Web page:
EDIT: Though most of the comments have now been deleted, I state the following for completeness:
The kg is a unit of mass. Weight is a force, and like other forces it is measured (in the SI system) in Newtons. The weight of a body is given by the equation f=ma, where a is acceleration (in this case the local acceleration due to gravity.) Therefore we can rewrite this as f=mg
In the SI system, to say that something weighs 1kg is nonsense, because weight is a force, and should be quoted in units of force.
Nevertheless, there is a standard value for standard gravity
According to http://en.wikipedia.org/wiki/Standard_gravity:
9.80665 m/s², which is exactly 35.30394 (km/h)/s (about 32.174 ft/s², or 21.937 mph/s). This value was established by the 3rd CGPM (1901, CR 70) and used to define the standard weight of an object as the product of its mass and this nominal acceleration.
According to the same reference, it is chosen as the gravitational acceleration at a latitude of 45 degrees at sea level.
This is of course absurdly precise given the global variation of
g but there has to be an accepted standard value. It's also arguably not the most useful definition, since the majority of the earth's surface is below that latitude and of so it's likely to be slightly higher than what is needed in practice. If I had been given the opportunity to pick the value, I would have picked 9.8m/s² as a nice round number. http://en.wikipedia.org/wiki/Gravity_of_Earth shows that not just latitude but also continental landmasses influence the local gravitational acceleration.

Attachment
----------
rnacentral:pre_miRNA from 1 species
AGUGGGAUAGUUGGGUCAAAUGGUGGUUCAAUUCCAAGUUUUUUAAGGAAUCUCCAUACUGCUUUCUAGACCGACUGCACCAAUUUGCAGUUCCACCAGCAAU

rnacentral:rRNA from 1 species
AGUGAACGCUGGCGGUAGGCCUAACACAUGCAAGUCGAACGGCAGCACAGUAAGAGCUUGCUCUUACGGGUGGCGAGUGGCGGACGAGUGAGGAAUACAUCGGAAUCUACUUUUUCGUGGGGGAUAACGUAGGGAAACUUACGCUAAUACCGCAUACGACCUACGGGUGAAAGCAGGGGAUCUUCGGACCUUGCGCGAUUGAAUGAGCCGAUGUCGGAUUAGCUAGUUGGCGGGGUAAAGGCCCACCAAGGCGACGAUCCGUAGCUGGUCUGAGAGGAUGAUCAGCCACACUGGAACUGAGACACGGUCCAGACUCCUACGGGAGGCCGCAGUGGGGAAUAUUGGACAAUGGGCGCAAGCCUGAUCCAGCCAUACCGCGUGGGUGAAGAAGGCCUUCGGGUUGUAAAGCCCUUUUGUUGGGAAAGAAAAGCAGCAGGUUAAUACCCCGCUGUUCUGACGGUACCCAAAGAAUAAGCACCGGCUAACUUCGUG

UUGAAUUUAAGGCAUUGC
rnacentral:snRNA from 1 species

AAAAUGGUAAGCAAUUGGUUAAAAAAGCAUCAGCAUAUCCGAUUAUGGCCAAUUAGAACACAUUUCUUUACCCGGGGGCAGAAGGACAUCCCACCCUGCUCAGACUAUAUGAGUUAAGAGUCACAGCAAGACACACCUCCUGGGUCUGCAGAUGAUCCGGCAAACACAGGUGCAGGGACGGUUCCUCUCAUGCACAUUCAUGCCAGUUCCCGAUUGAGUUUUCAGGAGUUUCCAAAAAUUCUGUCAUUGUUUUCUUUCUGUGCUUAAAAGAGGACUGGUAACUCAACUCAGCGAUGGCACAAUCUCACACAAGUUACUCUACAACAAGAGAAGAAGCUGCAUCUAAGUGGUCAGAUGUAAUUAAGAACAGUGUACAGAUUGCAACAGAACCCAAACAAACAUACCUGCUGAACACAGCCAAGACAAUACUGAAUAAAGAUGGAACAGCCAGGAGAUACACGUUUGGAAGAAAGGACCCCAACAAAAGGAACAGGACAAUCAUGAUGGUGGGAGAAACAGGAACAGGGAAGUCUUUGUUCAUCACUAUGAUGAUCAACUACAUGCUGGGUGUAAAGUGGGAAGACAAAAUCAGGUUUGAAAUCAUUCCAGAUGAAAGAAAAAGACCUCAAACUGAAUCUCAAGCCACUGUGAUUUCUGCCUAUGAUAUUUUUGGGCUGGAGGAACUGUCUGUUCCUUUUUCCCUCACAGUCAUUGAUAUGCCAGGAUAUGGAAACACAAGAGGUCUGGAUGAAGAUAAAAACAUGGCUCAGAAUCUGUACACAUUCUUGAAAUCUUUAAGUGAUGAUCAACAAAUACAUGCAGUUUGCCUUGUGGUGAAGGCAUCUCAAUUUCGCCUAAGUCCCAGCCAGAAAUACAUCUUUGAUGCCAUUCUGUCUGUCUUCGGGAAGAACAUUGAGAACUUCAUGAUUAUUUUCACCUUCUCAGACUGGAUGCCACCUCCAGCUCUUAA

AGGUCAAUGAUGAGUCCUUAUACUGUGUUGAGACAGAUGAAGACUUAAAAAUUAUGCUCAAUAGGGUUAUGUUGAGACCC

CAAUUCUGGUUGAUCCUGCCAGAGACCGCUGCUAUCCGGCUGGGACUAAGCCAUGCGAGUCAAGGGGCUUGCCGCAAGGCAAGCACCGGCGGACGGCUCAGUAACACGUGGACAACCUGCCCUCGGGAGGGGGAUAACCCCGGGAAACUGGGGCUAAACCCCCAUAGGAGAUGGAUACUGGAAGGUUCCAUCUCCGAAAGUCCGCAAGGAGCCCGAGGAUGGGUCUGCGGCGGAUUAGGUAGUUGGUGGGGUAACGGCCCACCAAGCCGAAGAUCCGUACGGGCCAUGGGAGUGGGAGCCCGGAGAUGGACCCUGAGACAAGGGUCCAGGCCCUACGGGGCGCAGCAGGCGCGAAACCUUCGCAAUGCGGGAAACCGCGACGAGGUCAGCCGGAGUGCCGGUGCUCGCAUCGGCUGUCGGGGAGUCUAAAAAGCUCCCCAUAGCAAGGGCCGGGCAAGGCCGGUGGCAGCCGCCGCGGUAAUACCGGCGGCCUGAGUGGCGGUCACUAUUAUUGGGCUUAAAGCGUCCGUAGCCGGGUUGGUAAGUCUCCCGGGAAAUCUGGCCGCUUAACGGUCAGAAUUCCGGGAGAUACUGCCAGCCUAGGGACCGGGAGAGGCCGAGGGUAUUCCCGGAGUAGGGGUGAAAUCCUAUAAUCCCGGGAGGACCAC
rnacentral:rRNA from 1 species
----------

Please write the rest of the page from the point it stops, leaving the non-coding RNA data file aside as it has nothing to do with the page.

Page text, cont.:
So a 1kg mass weighs 9.80665N at standard conditions.
There is a unit called kgf. This unit is deprecated, because it complicates all kinds of calculations. Nevertheless it is an easy way for most ordinary people to visualise force, and like it or not, this unit is used in the real world. 1kgf = 9.80665N. If you buy a rope or fishing line from a local store, its breaking tension will likely be stated in kgf.
Let's look at some widely used units of pressure: Pa, Bar, atm, kgf/cm², mmHg, mmH₂O. The first two are based on the SI system. Numbers 2-4 (Bar, atm, kgf/cm²) are within a few percent of each other but all are widely used. The last three on the list all depend on the value of standard gravity in their definition. One reason for the perpetuation of units like mmH₂O is that they are easy to measure directly, for example in a water manometer. Another reason is that they simplify certain specific calculations, such as the design of water distribution systems.
When it comes to quoting quantities of gas by volume, the situation is even worse. People do measure gas in this way and it is important to know what temperature and pressure they are considering. If everyone could measure all quantities of substance in kg (mass!) and avoid talking about weight and volume, everything would be a lot less ambiguous.